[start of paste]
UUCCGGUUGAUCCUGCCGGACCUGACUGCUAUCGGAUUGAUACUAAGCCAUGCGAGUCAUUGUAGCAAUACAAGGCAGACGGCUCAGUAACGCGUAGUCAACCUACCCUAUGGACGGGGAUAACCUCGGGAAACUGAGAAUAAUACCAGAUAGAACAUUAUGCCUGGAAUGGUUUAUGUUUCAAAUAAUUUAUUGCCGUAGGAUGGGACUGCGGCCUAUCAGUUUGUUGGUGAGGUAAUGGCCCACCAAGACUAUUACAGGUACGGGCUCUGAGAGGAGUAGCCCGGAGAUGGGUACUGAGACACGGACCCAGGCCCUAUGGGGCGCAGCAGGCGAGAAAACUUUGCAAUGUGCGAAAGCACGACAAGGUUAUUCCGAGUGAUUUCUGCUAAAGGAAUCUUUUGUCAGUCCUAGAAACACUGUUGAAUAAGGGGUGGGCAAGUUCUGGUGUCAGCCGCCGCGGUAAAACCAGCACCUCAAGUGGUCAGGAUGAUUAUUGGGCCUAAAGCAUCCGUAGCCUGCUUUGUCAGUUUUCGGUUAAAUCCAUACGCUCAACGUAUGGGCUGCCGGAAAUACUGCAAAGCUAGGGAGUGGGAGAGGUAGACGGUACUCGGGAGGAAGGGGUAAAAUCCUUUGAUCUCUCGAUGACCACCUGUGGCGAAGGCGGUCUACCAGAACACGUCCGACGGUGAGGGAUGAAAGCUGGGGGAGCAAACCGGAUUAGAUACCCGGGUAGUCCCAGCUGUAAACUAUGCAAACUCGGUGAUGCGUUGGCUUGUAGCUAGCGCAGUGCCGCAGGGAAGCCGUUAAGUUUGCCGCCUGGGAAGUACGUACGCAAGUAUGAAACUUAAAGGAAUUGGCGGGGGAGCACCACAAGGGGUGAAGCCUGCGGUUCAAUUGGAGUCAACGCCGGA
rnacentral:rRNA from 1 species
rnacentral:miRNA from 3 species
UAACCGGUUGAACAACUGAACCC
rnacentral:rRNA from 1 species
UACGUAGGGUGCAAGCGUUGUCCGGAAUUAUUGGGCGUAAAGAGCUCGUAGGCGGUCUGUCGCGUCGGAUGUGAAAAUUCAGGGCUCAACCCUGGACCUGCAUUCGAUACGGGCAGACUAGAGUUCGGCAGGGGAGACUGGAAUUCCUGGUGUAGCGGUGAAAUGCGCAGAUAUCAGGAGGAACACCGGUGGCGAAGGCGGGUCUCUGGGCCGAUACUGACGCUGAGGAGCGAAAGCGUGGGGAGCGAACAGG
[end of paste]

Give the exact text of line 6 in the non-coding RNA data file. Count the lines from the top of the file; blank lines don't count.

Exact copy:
UACGUAGGGUGCAAGCGUUGUCCGGAAUUAUUGGGCGUAAAGAGCUCGUAGGCGGUCUGUCGCGUCGGAUGUGAAAAUUCAGGGCUCAACCCUGGACCUGCAUUCGAUACGGGCAGACUAGAGUUCGGCAGGGGAGACUGGAAUUCCUGGUGUAGCGGUGAAAUGCGCAGAUAUCAGGAGGAACACCGGUGGCGAAGGCGGGUCUCUGGGCCGAUACUGACGCUGAGGAGCGAAAGCGUGGGGAGCGAACAGG